Buzz Privacy Brouhaha: How to Keep Your Contacts Private

Last Updated Feb 17, 2010 8:01 AM EST

Fix your Google Buzz privacy settingsAbout 30 seconds after Google launched Buzz, tech bloggers began proclaiming it a Facebook killer and a complete game changer. While one wonders how these seers of social media could possibly have drawn such sweeping conclusions in mere moments, there was a whole other problem with the latest online gizmo. Privacy advocates were simultaneously broadcasting their outrage at the decision to automatically suggest followers and make lists of followers public.
Why is this an issue? Just look at the case of this blogger whose abusive ex-husband was automatically invited to follow her on Buzz for the worst case example. Google is responding to the complaints, but what can you do in the meantime if you want to try out the new technology (and find out if is as epoch-making as the cheerleaders suggest) while maintaining some semblance of privacy? Blog Switched offers a run-down of settings:
By default, the list of people you follow, and the people following you is publicly available. To make matters worse, the default URL on your Google profile is usually your e-mail address with the "" chopped off.

You can change your privacy settings by visiting your Google Profile and clicking "Edit Profile" in the top right-hand corner. At the top of the "About Me" tab you'll find an option reading: "Display the list of people I'm following and people following me." Un-check the box next to it in order to hide those lists from public view. At the bottom of the same tab you'll find the option to change your profile URL to (what we hope is) a random number.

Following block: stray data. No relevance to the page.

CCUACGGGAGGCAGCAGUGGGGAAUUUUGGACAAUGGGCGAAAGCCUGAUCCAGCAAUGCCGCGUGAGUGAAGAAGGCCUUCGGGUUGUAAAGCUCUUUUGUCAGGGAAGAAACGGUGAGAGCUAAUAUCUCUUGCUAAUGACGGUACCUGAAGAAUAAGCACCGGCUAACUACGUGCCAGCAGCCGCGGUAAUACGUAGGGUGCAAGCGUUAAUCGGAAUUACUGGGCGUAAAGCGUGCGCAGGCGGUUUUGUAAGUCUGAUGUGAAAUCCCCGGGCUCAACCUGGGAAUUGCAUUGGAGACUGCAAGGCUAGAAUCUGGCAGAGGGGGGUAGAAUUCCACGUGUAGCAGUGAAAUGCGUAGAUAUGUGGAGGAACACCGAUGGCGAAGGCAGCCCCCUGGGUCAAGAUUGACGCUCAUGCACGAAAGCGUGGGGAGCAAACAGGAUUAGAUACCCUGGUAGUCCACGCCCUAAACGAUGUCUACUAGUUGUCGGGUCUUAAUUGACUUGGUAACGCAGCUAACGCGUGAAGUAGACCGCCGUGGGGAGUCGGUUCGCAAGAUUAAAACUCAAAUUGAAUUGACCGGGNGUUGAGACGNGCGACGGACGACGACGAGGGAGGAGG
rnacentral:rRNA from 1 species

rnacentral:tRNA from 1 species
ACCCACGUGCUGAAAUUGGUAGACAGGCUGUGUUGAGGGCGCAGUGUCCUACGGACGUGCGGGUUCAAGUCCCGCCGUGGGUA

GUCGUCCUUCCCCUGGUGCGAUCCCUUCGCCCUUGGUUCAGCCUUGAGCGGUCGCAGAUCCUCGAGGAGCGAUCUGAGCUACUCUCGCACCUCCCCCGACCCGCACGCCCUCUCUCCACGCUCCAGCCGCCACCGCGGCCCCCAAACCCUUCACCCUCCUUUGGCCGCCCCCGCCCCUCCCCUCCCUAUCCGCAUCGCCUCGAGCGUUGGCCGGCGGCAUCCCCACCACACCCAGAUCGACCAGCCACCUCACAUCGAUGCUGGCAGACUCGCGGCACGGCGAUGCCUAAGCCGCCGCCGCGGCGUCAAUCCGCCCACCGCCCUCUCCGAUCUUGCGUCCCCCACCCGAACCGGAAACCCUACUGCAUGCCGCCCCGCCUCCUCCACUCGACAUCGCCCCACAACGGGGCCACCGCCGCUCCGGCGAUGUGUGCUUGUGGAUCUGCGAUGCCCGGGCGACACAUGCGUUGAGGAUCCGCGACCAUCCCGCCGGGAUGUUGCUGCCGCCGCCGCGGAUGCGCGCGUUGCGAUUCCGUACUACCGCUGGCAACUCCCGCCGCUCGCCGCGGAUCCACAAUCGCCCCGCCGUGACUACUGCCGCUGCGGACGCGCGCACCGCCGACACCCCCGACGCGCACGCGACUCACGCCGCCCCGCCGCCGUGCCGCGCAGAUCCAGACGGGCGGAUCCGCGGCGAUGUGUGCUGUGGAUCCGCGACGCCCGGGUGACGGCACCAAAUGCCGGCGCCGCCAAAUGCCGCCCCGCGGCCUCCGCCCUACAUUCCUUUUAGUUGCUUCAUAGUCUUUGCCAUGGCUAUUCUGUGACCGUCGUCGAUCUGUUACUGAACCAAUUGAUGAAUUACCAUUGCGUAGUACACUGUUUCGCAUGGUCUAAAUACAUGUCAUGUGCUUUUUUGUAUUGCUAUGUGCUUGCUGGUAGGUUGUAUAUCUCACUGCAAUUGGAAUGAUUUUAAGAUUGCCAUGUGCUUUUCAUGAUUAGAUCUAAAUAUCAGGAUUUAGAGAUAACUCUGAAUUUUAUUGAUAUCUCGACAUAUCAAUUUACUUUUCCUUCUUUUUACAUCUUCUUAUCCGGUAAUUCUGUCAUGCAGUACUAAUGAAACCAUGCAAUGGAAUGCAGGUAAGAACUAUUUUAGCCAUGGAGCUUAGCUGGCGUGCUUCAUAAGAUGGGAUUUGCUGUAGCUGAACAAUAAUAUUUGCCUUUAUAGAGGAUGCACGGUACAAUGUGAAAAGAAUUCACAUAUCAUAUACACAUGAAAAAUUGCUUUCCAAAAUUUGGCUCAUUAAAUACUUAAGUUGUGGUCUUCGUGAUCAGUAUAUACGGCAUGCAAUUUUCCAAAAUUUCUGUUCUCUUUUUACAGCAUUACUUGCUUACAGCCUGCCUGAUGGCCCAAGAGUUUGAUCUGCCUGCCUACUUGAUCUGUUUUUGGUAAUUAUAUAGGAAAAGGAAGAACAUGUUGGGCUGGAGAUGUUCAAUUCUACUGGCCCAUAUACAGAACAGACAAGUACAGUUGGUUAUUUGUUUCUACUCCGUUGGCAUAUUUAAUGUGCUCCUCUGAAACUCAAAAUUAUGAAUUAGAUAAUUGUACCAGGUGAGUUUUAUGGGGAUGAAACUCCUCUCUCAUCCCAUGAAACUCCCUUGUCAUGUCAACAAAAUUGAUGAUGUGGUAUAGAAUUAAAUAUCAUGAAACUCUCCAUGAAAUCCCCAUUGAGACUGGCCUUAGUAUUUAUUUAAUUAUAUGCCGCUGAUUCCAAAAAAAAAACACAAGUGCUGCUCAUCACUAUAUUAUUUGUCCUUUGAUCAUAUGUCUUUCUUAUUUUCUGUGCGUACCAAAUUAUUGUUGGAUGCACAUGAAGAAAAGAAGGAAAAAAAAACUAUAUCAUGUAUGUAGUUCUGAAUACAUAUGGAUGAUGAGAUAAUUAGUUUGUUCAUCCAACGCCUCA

If you want to opt out of Buzz entirely, scroll down to the bottom of your Gmail page, and click on the tiny "turn off Buzz" link.

While I understand that the first company that manages to create an interface that combines all our online streams is set to make a bundle, personally I have a major problem with this push for seamless integration. For those of us whose online business lives are not walled off behind a corporate firewall, automatic integration erases our ability to keep our personal and professional lives separate. I understand the essential nonexistence of online privacy and I'm not foolish enough to post embarrassing photos and the like on Facebook, but I would like to be able to write my grandmother an email in the evening without being bombarded by some business contact's shameless (and apparently ceaseless) self-promotion.

Am I just hopelessly old fashioned? Is that too much to hope for?

(Image of awesome cartoon by Oversocialized, CC 2.0)

  • Jessica Stillman On Twitter»

    Jessica lives in London where she works as a freelance writer with interests in green business and tech, management, and marketing.